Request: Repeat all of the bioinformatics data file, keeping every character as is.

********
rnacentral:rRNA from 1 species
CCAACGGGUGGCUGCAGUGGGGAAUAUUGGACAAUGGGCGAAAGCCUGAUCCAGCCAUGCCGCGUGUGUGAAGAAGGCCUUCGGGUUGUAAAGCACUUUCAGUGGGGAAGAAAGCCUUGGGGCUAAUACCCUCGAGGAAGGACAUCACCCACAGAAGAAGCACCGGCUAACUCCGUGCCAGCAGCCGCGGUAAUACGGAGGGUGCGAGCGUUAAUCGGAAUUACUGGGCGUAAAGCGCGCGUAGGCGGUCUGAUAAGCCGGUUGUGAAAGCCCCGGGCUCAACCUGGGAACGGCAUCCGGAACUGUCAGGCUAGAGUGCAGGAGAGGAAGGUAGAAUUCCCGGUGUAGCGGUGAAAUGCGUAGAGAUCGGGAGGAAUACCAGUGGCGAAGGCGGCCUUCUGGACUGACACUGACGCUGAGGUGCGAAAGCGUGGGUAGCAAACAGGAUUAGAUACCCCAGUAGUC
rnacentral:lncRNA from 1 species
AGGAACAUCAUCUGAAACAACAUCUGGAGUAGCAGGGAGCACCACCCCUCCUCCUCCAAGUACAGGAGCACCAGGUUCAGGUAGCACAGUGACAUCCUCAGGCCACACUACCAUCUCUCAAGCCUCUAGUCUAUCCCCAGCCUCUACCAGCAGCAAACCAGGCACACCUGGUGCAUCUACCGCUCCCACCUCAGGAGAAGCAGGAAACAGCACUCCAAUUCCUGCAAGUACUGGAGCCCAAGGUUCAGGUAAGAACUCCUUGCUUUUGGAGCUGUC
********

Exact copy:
rnacentral:rRNA from 1 species
CCAACGGGUGGCUGCAGUGGGGAAUAUUGGACAAUGGGCGAAAGCCUGAUCCAGCCAUGCCGCGUGUGUGAAGAAGGCCUUCGGGUUGUAAAGCACUUUCAGUGGGGAAGAAAGCCUUGGGGCUAAUACCCUCGAGGAAGGACAUCACCCACAGAAGAAGCACCGGCUAACUCCGUGCCAGCAGCCGCGGUAAUACGGAGGGUGCGAGCGUUAAUCGGAAUUACUGGGCGUAAAGCGCGCGUAGGCGGUCUGAUAAGCCGGUUGUGAAAGCCCCGGGCUCAACCUGGGAACGGCAUCCGGAACUGUCAGGCUAGAGUGCAGGAGAGGAAGGUAGAAUUCCCGGUGUAGCGGUGAAAUGCGUAGAGAUCGGGAGGAAUACCAGUGGCGAAGGCGGCCUUCUGGACUGACACUGACGCUGAGGUGCGAAAGCGUGGGUAGCAAACAGGAUUAGAUACCCCAGUAGUC
rnacentral:lncRNA from 1 species
AGGAACAUCAUCUGAAACAACAUCUGGAGUAGCAGGGAGCACCACCCCUCCUCCUCCAAGUACAGGAGCACCAGGUUCAGGUAGCACAGUGACAUCCUCAGGCCACACUACCAUCUCUCAAGCCUCUAGUCUAUCCCCAGCCUCUACCAGCAGCAAACCAGGCACACCUGGUGCAUCUACCGCUCCCACCUCAGGAGAAGCAGGAAACAGCACUCCAAUUCCUGCAAGUACUGGAGCCCAAGGUUCAGGUAAGAACUCCUUGCUUUUGGAGCUGUC